For my inaugural lesson, we went to his room, where he sat on the edge of the bed with his jeans off. He pulled his dick out of his boxers, and I got down on my knees and put my mouth on it. He told me what to do and how to do it, and I complied. I felt respected and safe with him. And you know, I liked it! It was fine! (I had been worried, because so many of my friends had told me how much they hated giving blow jobs.) I paused in the middle of the fun to look up and tell him I was really enjoying this. He was leaning over me, his hand on the back of my head, guiding me where he wanted me to go.
All of a sudden, out of nowhere, I heard something: a shrieking, panicky, judgy voice in my head going, Look at you—on your knees for a man, bowing down before the phallus, performing an act that is designed solely for a man’s pleasure. Don’t men get enough pleasure? They already have everything, they get to put it in our mouths, too?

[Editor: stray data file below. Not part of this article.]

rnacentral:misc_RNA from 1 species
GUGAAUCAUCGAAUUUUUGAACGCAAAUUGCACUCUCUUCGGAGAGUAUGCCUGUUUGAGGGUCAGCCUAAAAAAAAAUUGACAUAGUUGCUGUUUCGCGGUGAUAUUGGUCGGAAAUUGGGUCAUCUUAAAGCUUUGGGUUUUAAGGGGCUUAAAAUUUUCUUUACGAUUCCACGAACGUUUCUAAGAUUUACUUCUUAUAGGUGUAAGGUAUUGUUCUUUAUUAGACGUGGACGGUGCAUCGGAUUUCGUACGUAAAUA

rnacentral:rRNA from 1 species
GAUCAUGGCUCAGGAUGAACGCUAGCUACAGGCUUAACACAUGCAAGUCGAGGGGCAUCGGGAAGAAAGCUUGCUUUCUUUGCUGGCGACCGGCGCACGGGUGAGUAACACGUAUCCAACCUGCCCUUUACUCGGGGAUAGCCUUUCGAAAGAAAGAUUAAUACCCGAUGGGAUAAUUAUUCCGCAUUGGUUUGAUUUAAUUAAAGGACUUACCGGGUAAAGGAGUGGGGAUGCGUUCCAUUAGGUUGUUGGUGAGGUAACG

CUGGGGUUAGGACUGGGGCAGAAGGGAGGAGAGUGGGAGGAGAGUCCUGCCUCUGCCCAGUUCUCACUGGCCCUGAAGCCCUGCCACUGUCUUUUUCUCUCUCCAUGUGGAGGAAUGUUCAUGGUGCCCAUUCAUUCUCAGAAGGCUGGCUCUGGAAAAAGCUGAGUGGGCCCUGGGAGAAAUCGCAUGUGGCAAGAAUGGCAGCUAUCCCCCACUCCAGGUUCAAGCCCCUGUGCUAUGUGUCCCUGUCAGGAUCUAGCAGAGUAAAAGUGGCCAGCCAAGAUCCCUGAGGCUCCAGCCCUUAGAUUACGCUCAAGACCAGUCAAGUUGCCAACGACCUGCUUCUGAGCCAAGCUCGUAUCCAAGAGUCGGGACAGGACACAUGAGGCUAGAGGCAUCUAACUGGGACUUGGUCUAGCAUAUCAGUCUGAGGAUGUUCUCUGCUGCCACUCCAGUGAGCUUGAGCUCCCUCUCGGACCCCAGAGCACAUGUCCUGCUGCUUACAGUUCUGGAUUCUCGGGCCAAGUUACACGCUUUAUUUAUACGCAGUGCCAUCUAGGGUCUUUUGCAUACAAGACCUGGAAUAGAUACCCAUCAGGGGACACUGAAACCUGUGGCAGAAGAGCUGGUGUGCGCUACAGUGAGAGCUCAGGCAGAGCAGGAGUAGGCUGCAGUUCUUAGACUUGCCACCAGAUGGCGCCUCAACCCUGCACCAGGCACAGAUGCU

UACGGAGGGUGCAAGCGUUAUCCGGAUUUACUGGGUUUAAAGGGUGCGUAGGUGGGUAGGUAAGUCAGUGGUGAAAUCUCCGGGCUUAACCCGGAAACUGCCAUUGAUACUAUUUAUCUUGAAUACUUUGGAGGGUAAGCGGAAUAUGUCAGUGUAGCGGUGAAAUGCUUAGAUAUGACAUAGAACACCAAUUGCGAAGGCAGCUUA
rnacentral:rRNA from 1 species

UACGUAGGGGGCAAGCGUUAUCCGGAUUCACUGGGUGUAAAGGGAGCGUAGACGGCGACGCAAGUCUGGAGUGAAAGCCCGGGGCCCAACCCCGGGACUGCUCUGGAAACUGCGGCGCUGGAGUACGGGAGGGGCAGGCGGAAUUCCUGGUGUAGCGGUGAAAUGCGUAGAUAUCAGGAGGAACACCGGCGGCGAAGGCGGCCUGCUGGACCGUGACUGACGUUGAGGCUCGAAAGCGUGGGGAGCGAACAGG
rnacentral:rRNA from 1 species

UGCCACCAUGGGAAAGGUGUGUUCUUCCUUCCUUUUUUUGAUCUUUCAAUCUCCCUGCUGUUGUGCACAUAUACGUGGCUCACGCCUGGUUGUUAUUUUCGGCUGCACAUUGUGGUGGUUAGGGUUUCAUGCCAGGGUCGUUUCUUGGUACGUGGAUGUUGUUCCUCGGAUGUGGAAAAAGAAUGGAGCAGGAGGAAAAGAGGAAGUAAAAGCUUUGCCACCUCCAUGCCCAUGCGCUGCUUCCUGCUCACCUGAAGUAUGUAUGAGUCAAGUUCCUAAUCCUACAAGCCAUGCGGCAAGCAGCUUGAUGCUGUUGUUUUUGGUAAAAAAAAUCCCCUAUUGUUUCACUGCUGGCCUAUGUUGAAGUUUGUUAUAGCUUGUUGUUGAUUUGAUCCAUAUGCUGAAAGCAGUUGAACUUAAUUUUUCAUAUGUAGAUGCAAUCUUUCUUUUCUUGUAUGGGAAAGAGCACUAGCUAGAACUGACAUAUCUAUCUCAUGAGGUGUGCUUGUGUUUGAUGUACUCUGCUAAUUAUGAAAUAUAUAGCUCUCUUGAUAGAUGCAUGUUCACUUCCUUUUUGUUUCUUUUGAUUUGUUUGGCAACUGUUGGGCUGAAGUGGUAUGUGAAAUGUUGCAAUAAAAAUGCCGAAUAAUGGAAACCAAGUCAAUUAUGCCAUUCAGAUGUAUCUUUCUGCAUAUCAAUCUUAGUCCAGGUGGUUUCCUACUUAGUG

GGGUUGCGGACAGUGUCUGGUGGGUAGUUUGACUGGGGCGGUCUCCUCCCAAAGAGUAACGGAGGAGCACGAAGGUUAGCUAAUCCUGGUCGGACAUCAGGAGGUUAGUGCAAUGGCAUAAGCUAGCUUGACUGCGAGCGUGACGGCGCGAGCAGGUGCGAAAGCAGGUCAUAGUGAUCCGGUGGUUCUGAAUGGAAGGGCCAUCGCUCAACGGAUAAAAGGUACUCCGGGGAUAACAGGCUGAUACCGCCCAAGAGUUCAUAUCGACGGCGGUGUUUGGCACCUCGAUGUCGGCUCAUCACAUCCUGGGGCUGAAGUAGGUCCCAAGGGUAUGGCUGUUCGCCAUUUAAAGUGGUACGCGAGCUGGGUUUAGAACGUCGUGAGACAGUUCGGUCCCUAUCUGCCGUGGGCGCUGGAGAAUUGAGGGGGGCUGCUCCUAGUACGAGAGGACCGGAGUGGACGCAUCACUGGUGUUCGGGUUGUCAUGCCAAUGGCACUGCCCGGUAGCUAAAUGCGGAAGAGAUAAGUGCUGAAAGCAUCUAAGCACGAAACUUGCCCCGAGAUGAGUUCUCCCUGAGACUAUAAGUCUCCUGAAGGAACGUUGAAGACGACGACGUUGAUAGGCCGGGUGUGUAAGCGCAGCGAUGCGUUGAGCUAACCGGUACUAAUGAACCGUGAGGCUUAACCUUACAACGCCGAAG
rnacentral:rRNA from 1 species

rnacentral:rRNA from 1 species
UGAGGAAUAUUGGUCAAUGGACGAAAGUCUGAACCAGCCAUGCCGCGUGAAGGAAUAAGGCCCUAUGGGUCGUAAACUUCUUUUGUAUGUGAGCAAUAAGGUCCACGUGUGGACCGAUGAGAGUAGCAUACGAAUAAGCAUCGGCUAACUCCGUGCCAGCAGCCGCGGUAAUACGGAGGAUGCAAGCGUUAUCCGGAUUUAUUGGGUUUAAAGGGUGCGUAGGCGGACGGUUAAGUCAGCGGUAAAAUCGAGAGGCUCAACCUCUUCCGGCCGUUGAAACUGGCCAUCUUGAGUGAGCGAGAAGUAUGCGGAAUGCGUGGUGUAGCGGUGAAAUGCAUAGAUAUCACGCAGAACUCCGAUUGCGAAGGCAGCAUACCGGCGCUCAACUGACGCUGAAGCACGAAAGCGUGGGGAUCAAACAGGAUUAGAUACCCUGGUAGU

This was a pretty startling turn of events. There I was giving my boyfriend my very first blow job—and enjoying it—when I was suddenly being watched and judged and scolded. I had thought I was doing something I wanted to do (it had been my idea), and it felt warm and loving and exciting; but when I stepped back and saw what it looked like from the outside, from the point of view of this disembodied voice, I saw myself kneeling in front of a guy who towered over me with his hand on the back of my head, like I was totally submissive to him and he was controlling me. I was horrified.
What the fuck, I thought. I was having fun a second ago. I tried to tune out the judgy voice, but it was determined to ruin my good time (and apparently my sex life). I wanted to successfully complete this milestone act, and I did, and it was fine, but I was severely weirded out by the whole experience.